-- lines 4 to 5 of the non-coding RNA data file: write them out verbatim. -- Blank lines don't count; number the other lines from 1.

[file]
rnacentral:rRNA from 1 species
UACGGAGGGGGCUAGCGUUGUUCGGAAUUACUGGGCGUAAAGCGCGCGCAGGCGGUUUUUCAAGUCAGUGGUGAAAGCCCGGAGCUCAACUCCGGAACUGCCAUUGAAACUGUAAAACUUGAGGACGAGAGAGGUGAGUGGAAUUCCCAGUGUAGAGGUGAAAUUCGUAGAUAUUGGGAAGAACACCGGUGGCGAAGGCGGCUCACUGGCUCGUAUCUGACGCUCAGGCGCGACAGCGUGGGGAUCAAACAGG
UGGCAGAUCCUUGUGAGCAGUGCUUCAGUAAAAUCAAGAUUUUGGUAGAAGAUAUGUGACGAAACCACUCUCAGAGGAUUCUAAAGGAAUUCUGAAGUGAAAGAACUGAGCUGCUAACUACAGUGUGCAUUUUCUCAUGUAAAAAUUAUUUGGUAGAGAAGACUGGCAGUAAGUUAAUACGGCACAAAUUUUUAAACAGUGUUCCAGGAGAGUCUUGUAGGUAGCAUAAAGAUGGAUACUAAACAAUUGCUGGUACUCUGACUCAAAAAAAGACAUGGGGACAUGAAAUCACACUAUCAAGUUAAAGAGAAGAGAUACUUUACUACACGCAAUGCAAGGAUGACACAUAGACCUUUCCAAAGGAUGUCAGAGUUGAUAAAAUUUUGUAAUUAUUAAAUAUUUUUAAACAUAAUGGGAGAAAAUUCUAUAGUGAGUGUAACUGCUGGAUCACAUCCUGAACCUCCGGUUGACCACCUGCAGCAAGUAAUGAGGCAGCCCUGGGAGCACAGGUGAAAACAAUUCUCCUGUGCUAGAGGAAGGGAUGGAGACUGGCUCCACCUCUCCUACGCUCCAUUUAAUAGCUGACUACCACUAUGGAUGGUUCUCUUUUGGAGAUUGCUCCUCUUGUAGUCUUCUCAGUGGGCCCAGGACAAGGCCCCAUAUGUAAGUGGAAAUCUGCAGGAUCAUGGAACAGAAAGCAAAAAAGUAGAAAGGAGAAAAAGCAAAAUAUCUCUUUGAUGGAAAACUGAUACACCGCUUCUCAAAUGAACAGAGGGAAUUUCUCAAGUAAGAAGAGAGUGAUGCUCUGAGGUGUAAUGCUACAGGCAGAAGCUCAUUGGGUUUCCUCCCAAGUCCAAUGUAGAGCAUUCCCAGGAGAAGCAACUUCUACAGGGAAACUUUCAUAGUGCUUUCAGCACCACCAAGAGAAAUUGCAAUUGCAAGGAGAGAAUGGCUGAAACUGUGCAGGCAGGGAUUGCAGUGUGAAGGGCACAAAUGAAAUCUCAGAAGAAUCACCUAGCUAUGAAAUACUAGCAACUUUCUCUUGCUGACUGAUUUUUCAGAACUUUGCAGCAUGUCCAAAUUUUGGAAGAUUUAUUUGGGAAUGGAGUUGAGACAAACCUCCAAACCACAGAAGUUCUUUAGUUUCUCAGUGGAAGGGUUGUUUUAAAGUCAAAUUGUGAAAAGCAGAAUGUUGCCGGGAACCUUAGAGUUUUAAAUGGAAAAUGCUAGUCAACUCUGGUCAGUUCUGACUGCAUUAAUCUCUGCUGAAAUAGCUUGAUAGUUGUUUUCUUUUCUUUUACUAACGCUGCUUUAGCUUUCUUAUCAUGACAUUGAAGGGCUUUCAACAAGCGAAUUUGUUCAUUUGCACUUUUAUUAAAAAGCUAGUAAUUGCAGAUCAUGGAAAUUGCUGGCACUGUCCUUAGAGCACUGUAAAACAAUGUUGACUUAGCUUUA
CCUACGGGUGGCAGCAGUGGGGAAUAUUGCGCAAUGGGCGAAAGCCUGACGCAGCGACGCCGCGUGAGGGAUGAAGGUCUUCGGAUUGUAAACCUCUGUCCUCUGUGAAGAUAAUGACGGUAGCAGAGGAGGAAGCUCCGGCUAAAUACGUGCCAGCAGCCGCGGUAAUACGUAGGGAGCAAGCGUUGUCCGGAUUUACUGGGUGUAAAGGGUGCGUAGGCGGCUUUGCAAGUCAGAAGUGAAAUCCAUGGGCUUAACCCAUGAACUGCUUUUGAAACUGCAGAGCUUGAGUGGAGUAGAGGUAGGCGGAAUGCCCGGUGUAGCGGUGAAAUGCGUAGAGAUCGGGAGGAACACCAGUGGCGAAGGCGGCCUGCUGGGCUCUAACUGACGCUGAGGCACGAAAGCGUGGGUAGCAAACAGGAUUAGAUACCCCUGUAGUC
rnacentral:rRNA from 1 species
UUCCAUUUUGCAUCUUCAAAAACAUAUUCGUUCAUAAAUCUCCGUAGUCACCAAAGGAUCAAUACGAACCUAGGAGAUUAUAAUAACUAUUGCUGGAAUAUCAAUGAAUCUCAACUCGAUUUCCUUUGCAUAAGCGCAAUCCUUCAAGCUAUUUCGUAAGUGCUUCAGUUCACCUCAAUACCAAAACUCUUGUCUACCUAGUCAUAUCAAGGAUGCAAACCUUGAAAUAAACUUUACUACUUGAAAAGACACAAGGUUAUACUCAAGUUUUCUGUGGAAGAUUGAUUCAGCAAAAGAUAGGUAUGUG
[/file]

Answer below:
CCUACGGGUGGCAGCAGUGGGGAAUAUUGCGCAAUGGGCGAAAGCCUGACGCAGCGACGCCGCGUGAGGGAUGAAGGUCUUCGGAUUGUAAACCUCUGUCCUCUGUGAAGAUAAUGACGGUAGCAGAGGAGGAAGCUCCGGCUAAAUACGUGCCAGCAGCCGCGGUAAUACGUAGGGAGCAAGCGUUGUCCGGAUUUACUGGGUGUAAAGGGUGCGUAGGCGGCUUUGCAAGUCAGAAGUGAAAUCCAUGGGCUUAACCCAUGAACUGCUUUUGAAACUGCAGAGCUUGAGUGGAGUAGAGGUAGGCGGAAUGCCCGGUGUAGCGGUGAAAUGCGUAGAGAUCGGGAGGAACACCAGUGGCGAAGGCGGCCUGCUGGGCUCUAACUGACGCUGAGGCACGAAAGCGUGGGUAGCAAACAGGAUUAGAUACCCCUGUAGUC
rnacentral:rRNA from 1 species